was born in Tennessee in 1937 and grew up in the boot heel of Missouri as a sharecropper’s child. She was the first in her large extended family to finish high school and left a few days after graduation with ten dollars and a bus ticket for Memphis. She went from there to Miami where she joined the Marine Corp Reserve and then to Chicago where she went on active duty for a while and got her first taste of California during basic training at the Recruit Depot in San Diego.
In 1972 she moved with her husband and two children to Orange County, CA, a long way from the cotton fields of her childhood. As a stay-at-home mom she began her writing career with short stories, including one to Alfred Hitchcock’s Mystery Magazine about a private detective named Delilah West, which predates both Marcia Muller and Sue Grafton’s entry into the female PI genre. She published thirteen novels and a collection of short stories. She has been nominated for both the Anthony and Bram Stoker award. Her novels and short fiction featuring Delilah West were honored by the Private Eye Writers of America with their lifetime achievement award, The Eye, for her contribution to the field. (source: http://mysterythrillerbooks.com/author/maxine-ocallaghan/)
Gef: Where did you get the inspiration for Delilah West?
Maxine: As we've come to know, eye witness accounts are often unreliable. I thought it would be interesting if my PI witnessed a hit and run, then was challenged to prove she was wrong about what she saw. This premise turned into Hit and Run. Of course, there's lots of complications for Delilah West along the way.
Gef: How intensive does the research process get for you? What little tricks have you picked up with approaching the research phase of writing?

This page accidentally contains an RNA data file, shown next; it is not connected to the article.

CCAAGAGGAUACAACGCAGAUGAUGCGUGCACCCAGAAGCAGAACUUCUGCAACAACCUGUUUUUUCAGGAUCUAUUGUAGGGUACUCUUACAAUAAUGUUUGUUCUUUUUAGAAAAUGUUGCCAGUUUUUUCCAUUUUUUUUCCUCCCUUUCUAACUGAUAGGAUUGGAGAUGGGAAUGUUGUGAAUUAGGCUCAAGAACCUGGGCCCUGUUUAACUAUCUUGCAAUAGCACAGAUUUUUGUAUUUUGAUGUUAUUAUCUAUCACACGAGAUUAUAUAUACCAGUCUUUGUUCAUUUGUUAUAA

Maxine: Depends on the subject matter. I've had the good luck to belong to a writer's workshop that included a cop and a real live PI, both with lots of connections. I'm also brash and bold--lol--and cold call whoever can provide the info I need.
Gef: What do you consider to be the strength or saving grace of the crime genre?
Maxine: I believe mysteries are all-time favorites because the reader can vicariously face the worst evils and situations and triumph in the end. Well, usually.
Gef: What's the worst piece of writing advice you ever received? Or what piece of writing advice do you wish would just go away?
Maxine: Write what you know. I mean, what does a stay-at-home mother of two know about chasing down bad guys?
Gef: What kind of guilty pleasures do you have when it comes to books or movies or whatnot?
Maxine: I'm a sucker for a well-written serial killer novel and movies about aliens.
Gef: We're coming up to the end of the year, which means everyone and their mama is writing a year-end lists. So what book, movie, game, show, song, or dirty limerick has found its way to the tippy-top of your favorites this year?
Maxine: Not a fan of animated movies, but after having to watch Frozen with my four-year-old granddaughter at least 100 times, I have to confess I love it and might even watch it on my own.
Gef: What projects are you cooking up that folks can expect in the near future, and how can folks keep up with your shenanigans?
Maxine: I'm writing a new Delilah West novel, as yet untitled. Long time since the last one. I've had some major health problems to deal with. I blame Lee Goldberg and Joel Goldman of Brash books for firing up the creative juices!